Program will offer benefits to eligible citizens
A voluntary Special Needs Basic Care program will be available to eligible Wadena County disabled citizens starting Jan. 1. The program will offer benefits to disabled people while addressing the high cost of providing health care to disabled peo...
A voluntary Special Needs Basic Care program will be available to eligible Wadena County disabled citizens starting Jan. 1. The program will offer benefits to disabled people while addressing the high cost of providing health care to disabled people in Minnesota, according to county officials.
The program allows eligible disabled people ages 18-64, to move from fee for service Medical Assistance to a managed care plan such as South Country Health Alliance, Blue Plus or Medica, according to Wadena County Social Services Director Paul Sailer.
"We would hope to see quite a number sign up," he said.
According to Blue Cross literature, criteria for eligibility includes being eligible for Medical Assistance and being certified as disabled or else having mental retardation or a related condition as determined by the local social services department.
The state has identified more than 380 people in Wadena County who are eligible for the program, Sailer said.
Wadena County has contracted with SCHA and Blue Plus to offer care coordinator services for their programs, Sailer said. Medica will consider contracting with the county after doing a test run of the program in the metro area.
The care coordinator is a social worker who will act as a consultant for disabled people helping them with particular problems getting their health care, Sailer said.
The Public Health department will be involved as well and will probably have more contact with the physically disabled, he said. The program also works with those with mental disabilities.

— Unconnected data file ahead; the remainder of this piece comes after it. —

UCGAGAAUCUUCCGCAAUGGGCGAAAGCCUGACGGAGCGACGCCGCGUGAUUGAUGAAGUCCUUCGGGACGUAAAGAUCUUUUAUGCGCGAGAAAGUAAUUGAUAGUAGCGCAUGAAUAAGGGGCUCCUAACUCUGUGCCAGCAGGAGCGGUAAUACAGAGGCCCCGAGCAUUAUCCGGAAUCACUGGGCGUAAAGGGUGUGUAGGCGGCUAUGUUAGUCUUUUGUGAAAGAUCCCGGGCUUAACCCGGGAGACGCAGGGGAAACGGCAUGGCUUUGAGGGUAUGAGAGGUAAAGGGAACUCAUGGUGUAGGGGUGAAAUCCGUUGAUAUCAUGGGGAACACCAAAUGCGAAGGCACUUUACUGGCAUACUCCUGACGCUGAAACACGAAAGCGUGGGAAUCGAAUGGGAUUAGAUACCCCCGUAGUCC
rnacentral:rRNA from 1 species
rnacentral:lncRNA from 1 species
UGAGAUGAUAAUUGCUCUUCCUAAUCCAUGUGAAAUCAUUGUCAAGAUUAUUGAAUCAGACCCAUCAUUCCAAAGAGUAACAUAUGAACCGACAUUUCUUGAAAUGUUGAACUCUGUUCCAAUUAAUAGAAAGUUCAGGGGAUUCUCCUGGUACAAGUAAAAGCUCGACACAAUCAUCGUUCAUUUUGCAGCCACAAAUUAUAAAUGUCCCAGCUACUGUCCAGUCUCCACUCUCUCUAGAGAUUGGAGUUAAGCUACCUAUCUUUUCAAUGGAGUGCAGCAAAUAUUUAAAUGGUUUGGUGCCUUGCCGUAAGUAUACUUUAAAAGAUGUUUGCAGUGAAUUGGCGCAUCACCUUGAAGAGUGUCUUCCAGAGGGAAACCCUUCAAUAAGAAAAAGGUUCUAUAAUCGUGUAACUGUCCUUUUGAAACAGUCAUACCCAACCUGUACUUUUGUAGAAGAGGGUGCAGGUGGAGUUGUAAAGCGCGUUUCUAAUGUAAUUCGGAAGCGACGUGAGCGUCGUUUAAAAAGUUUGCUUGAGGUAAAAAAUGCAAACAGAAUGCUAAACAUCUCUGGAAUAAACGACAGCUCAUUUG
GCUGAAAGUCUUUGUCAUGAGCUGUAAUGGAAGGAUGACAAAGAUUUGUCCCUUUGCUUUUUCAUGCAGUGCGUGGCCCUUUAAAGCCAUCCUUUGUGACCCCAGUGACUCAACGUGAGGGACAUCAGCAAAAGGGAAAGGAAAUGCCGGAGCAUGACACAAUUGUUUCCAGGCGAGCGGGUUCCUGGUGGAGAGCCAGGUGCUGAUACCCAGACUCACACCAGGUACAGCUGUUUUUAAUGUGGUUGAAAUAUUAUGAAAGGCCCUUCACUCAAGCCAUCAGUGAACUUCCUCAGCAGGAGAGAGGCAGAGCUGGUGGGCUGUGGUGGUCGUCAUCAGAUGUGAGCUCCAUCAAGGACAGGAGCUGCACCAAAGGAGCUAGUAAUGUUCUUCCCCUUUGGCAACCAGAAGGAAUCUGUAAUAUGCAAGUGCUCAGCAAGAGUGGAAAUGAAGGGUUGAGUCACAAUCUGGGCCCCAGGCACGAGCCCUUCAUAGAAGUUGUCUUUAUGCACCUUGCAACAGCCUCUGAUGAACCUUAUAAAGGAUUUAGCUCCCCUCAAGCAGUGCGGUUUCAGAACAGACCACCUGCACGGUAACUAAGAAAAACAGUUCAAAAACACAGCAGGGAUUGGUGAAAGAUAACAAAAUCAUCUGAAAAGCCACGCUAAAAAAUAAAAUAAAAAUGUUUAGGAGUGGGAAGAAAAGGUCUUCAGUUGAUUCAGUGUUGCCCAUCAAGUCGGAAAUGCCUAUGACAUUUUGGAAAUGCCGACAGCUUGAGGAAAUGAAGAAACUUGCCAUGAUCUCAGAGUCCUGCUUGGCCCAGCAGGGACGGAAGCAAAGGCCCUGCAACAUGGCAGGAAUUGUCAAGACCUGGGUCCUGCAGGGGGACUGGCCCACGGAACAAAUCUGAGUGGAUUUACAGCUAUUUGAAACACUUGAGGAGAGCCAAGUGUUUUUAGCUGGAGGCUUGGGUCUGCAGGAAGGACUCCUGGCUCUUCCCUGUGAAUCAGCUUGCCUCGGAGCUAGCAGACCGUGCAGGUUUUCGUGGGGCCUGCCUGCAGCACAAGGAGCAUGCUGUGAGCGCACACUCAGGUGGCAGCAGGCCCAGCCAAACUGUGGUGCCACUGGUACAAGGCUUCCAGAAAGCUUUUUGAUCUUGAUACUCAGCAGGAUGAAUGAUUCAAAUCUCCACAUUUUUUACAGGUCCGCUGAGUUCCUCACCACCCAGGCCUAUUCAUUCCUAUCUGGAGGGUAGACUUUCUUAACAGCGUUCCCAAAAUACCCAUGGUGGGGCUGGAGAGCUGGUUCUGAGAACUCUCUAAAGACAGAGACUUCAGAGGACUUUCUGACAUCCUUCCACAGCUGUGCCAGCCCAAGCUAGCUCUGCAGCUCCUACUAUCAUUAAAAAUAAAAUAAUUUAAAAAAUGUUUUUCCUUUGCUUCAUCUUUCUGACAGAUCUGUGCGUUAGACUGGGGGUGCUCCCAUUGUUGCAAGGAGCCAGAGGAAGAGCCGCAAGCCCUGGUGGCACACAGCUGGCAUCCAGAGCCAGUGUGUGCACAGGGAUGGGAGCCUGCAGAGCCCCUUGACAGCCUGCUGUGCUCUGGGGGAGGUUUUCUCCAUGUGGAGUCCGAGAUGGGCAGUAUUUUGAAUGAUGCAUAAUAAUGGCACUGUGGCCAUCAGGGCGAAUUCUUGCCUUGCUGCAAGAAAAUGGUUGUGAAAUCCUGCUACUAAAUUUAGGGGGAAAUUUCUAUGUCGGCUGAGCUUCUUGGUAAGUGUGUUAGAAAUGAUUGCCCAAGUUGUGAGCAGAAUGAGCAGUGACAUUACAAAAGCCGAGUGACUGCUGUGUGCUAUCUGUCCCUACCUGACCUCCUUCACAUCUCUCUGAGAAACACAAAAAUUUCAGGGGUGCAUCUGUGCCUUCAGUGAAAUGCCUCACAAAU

"We'll team ... together to make sure they have the best health care," he said.
Benefits of the program include not having to pay co-pays for prescription medication with MA, up to $500 for safety equipment, 12 visits per year to a podiatrist and no co-pays for emergency room usage or eye glasses.
The program combines Medicare and MA together in order to integrate the benefits of both programs, he said. It includes all Medicare part D and Medicaid drugs as well as primary and acute care services.
"The reason behind this is the cost of health care for elderly and disabled are some of the highest costs the state of Minnesota has," he said.
Some MA costs should be going to Medicare, he said. The state wants the costs to go to Medicare because that is a federal program.
SNBC is starting off as a voluntary program, he said.
"Whether or not it will become mandatory at some point is unclear," he said.
People who are eligible for the program should be receiving direct mailings from the managed care plans, he said. They can choose which plan to participate in.